Japan Geoscience Union Meeting 2019

Presentation information

[E] Oral

H (Human Geosciences ) » H-CG Complex & General

[H-CG27] Turbidity current: from triggers for the generation to the depositional and morphologic al processes

Mon. May 27, 2019 9:00 AM - 10:30 AM 301B (3F)

convener:Miwa Yokokawa(Osaka Institute of Technology), Hajime Naruse(Department of Geology and Mineralogy, Graduate School of Science, Kyoto University), Norihiro Izumi(Faculty of Engineering, Hokkaido University), Ken Ikehara(Institute of Geology and Geoinformation, National Institute of Advanced Industrial Science and Technology), Chairperson:Miwa Yokokawa(Osaka Institute of Technology), Norihiro Izumi(Hokkaido University)

10:00 AM - 10:15 AM

[HCG27-05] Is surface sediment remobilization more popular mechanism for generating earthquake-induced turbidity current? Evidence of radiocarbon dates from the westernmost Nankai and Japan Trench subduction zones

*Ken Ikehara1, Toshiya Kanamatsu3, Tobias Schwestermann2, Arata Kioka2, Michael Strasser2 (1.Institute of Geology and Geoinformation, National Institute of Advanced Industrial Science and Technology, 2.Universität Innsbruck, 3.Japan Agency for Marine-Earth Science and Technology)

Keywords:surface sediment remobilization, turbidite, earthquake, radiocarbon dating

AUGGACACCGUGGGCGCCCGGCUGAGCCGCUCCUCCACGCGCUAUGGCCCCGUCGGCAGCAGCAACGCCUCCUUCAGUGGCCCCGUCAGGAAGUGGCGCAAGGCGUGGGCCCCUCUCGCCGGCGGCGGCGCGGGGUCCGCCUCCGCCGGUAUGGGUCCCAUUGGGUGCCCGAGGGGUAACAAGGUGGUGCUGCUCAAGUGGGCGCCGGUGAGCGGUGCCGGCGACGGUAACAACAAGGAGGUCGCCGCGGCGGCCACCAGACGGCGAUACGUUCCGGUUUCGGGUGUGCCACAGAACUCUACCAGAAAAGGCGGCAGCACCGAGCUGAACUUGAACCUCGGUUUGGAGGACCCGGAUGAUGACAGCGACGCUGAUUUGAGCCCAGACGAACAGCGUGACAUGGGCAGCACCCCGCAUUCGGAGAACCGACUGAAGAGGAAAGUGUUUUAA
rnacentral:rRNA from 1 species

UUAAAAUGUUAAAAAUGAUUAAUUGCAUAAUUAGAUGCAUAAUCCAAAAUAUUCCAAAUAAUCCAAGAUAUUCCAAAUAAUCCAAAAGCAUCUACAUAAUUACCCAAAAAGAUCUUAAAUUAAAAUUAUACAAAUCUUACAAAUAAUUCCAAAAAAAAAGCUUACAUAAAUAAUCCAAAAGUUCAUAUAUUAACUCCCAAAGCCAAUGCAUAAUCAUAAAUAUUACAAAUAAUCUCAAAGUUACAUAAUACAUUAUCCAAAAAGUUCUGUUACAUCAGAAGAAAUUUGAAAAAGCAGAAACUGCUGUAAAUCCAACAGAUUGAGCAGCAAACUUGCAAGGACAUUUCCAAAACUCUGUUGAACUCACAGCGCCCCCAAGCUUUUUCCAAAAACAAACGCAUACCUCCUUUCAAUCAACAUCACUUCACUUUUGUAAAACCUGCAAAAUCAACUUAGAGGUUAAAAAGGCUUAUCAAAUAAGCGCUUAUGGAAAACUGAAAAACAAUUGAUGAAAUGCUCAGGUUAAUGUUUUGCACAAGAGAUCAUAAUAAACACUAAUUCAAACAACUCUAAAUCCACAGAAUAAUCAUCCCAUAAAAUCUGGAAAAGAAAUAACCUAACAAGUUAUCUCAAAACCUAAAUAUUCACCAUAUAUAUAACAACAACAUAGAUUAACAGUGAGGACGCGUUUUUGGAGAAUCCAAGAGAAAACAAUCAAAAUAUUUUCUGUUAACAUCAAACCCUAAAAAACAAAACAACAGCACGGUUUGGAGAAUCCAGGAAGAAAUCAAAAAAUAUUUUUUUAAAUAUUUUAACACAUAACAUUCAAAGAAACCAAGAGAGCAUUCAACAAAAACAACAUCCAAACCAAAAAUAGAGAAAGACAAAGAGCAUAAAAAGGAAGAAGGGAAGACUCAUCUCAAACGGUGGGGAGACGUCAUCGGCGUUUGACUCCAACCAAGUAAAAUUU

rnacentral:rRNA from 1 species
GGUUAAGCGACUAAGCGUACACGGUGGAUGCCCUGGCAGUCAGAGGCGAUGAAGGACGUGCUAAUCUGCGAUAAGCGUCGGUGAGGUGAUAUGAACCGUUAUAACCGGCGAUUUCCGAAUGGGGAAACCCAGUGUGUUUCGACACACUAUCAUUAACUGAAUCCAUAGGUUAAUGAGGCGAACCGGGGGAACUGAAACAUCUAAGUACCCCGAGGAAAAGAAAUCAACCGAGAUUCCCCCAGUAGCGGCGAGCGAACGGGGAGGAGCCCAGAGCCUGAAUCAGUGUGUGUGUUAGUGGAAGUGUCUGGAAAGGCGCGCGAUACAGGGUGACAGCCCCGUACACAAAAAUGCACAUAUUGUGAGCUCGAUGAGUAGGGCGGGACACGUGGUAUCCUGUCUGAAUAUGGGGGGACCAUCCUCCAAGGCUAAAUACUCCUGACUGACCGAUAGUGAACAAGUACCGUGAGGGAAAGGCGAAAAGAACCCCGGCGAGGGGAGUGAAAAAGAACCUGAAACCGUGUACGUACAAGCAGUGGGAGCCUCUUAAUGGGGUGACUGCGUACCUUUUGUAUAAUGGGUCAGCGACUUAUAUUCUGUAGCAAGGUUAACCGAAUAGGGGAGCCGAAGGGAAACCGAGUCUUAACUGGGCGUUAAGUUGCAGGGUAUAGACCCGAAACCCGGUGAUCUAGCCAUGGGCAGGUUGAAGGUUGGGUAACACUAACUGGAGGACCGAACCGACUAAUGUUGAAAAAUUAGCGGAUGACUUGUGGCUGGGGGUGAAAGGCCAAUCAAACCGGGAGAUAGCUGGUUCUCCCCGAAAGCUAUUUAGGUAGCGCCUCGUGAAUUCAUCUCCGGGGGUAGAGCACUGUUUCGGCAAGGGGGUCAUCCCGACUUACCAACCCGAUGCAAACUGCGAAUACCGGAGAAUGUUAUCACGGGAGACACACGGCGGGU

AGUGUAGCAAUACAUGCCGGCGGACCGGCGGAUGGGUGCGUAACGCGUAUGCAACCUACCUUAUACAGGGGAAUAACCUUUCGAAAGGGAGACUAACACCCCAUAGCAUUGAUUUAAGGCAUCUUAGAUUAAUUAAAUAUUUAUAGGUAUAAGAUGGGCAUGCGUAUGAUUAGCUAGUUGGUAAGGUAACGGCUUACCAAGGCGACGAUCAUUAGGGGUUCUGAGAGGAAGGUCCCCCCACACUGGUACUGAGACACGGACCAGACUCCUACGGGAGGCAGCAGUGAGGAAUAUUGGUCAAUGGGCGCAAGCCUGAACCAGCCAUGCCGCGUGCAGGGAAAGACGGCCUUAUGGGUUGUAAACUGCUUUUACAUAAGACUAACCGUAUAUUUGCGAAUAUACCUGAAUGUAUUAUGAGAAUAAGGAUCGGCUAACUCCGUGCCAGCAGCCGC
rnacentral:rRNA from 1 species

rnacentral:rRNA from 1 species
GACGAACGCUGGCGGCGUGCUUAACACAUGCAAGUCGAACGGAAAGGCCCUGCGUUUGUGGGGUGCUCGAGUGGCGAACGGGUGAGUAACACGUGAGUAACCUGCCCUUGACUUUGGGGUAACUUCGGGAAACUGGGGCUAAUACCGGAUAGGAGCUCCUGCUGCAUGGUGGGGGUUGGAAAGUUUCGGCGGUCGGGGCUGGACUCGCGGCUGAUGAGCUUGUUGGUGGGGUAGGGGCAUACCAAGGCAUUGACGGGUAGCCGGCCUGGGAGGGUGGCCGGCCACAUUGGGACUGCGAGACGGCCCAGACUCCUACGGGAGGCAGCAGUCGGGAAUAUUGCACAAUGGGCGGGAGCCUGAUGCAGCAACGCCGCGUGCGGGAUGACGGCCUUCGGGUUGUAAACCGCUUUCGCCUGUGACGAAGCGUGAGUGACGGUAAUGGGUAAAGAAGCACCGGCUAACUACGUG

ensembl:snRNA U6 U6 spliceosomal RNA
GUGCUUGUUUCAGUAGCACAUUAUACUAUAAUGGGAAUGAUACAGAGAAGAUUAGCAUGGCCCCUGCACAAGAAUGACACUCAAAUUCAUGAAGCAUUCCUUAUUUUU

Deep-sea turbidite has been used for reconstructing past large earthquake history. Surface sediment remobilization is a relatively new idea for generating earthquake-induced turbidite, although submarine landslide has been considered as major mechanism for earthquake-induced turbidite deposition. Surface sediment remobilization has been reported from the Chilean lakes, forearc slopes along the Nankai and Japan Trench subduction zones. However, the detailed mechanism of surface sediment resuspension, remobilization and initiation of turbidity current is still unknown. For better understanding of the mechanism, it is important to understand the spatio-temporal occurrence of surface sediment remobilization. We obtained some cores from a small basin on the forearc slope in Hyuga-nada off Kyushu, and the Japan Trench floor. Fine-grained turbidites were found in the cores. Paired radiocarbon dates of the turbidite muds and hemipelagic muds between the turbidites show only small age differences. This indicates that it is unnecessary to occur bathymetry-scale (with >several meters bathymetric change) submarine landslides by earthquake ground shaking for generation of the turbidites. Large surface sediment resuspension by earthquake ground shaking at the sedimented slope near the depositional area (basin) is thought to be an important process for repeated deposition of earthquake-induced turbidites in the basin.